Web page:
Tanya and Chris Gamby—a psychologist and web developer/portable outdoor movie theater owner, respectively—have called Hawaii home for most of their lives. After a detour to Los Angeles, where their children, Jackson, now nine, and Zeke, seven, were born, they came back. They were perfectly content with their old plantation house in the town of Lihue, on Kauai, when they accompanied Chris’s sister on her own property search in the island’s lush mountains. When they came across a 20-acre parcel that backed up to verdant, rainy valleys and stunning views, Tanya was immediately smitten. “When I saw the land, I thought, ‘I’d sell my soul to live here,’” says Tanya, who luckily only had to sell her existing house to do so. They bought the property as an extended family, and then the Gambys, with $80,000, limited construction experience, and guidance from local architects Ben Sullivan and Tony Hatto (who are also designing them a larger house on the site), built a temporary hangout made from three 10-by-12-foot modules and dubbed it Ag Shed Villa.
Tanya: Our old house sold before we knew how the property would be divided up, and we needed to build something for ourselves quickly. We knew we could do as many 10-by-12 sheds as we wanted, so we thought we’d do three and just take them apart and put them back together as needed. We figured we’d just make this really sweet, simple studio we could use temporarily and eventually turn into a guest room and a home office. So Chris just started build-ing it, and our architects decided they wanted to help us, so they got involved, and it was this total spontaneous collaborative effort that morphed into this building.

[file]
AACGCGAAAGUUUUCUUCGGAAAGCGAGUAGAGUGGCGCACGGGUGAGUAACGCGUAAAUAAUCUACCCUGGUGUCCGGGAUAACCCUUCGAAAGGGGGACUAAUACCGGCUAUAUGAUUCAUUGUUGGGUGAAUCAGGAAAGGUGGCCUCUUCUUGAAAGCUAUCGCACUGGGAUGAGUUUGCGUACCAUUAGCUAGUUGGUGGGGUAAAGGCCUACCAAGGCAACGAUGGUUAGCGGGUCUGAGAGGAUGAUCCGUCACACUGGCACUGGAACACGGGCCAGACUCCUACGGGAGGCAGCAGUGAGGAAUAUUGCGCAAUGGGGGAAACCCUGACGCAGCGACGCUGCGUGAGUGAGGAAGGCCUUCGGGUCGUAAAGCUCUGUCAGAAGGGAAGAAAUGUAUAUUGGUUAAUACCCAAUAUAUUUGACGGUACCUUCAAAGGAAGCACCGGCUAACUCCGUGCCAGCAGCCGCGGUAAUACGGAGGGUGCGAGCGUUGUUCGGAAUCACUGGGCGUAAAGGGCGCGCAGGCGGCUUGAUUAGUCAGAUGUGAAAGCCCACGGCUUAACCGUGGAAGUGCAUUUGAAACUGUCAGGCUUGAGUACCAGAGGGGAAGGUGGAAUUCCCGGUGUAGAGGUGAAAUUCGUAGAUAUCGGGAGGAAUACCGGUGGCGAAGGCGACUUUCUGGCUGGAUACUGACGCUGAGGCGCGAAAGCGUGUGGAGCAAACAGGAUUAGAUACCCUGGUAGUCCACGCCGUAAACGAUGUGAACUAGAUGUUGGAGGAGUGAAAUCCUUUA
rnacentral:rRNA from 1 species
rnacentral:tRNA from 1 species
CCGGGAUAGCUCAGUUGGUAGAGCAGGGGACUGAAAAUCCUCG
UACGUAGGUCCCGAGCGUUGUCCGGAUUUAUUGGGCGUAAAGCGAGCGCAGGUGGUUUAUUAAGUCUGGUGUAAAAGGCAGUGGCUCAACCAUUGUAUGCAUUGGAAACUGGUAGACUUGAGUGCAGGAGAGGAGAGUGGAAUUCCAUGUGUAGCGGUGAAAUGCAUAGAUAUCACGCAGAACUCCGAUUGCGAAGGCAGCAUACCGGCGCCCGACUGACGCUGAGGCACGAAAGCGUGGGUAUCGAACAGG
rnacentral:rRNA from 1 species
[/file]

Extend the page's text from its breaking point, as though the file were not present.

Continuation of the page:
Originally we were going to put in a green roof and living walls—we had wanted to do that on our bigger house, too. So we started with a design and quickly discovered that there were some issues with living walls and mold in Hawaii, and then we found out that even though there’s all this research on Hawaii being a great place for green roofs, we couldn’t get home insurance here if we put them in. We have everything in place, so as soon as that changes we will put them in, but unfortunately we can’t do it yet.